- Pros and Cons of fixed width types from C99's stdint.h
- Fixed width types for platform code and binary codecs
- Motivation for standard types for independent code
- Use of semantic typedefs
- Discriminating uintptr_t vs intptr_t vs void* vs size_t
- If you choose fixed width types then there is less chance of code breaking when moved onto a different platform
- I think that's a fallacy.
- Where we're needlessly using INT16? or UINT16?, we're actually trying to guarantee that int hold a 16-bit value. That's already guaranteed by the C standard anyway.
- Similarly with INT32? or UINT32?, where the C standard guarantees a long will hold the necessary values.
- Consider also the CHAR8?*, UINT8?*, string.h mess we've got. It really would be simpler to use plain char for strings.
- Using standard types int and char is only ok if you are absolutely sure that they are never going to overflow under any circumstances / platforms / compilers.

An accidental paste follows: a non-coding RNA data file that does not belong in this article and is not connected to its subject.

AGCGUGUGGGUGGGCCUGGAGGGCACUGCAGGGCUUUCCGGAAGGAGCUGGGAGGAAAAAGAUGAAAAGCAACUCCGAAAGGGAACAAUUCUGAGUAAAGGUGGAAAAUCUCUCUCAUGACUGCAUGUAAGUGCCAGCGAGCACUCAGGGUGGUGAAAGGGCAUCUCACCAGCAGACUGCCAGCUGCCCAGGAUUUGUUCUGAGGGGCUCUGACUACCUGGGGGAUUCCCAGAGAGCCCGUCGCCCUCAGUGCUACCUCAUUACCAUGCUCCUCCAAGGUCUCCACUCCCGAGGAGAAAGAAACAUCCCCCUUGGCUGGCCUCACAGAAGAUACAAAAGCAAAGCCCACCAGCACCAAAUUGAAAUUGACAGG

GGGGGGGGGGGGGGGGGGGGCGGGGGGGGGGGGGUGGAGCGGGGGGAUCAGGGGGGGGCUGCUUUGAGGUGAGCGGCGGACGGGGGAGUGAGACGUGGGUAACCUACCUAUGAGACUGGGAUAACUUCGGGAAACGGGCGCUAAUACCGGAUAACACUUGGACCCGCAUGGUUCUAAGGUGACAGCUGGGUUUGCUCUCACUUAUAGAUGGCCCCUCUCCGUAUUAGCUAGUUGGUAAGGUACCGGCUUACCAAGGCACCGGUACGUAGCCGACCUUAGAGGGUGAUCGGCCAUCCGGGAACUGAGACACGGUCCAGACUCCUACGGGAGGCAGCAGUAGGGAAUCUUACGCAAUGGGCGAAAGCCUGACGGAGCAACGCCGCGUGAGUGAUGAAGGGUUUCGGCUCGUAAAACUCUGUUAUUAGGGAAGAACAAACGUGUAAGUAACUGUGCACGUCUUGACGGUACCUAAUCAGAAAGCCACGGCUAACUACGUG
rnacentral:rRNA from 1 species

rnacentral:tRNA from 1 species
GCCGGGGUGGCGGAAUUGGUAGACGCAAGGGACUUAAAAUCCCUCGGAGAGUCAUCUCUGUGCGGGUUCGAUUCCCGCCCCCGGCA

- Overflow applies just as much to fixed-width types - if we're going to do any arithmetic on a fixed-width type, we still have to bounds check it.
Linking to standard libraries
- There's a huge advantage to standard types in being able to link against different standard libraries without vigorous sprinklings of bug-hiding casts.
- Systems programmers have gone to the effort of abstracting the underlying platform in implementing a standard library - it seems wasteful to ignore that.
Guarantee of existance
- [u]int[8|16|32]_t are not guaranteed to exist - a library for an 8-bit micro *could* define only int8_t and uint8_t.
- All compliant libraries are required to define [u]int_least[8|16|32]_t however, so maybe we ought to use those... :)
Static type checking
- it gives Lint a greater chance of picking up errors.
- Nope, lint already knows about the width of the platform's standard types.
- If we want better checking we should use purely-semantic typedefs (e.g. typedef UINT16? CRC16?_T) more and turn on lint's strong type checks.
- As for the performance hit, we are talking about code that has to run efficiently on a 16-bit embedded micro, if that code is then ported to a PC platform then speed of execution is hardly going to be an issue.
- Agree. The performance advantage is negligeable.
- But why prevent the compiler from doing its job?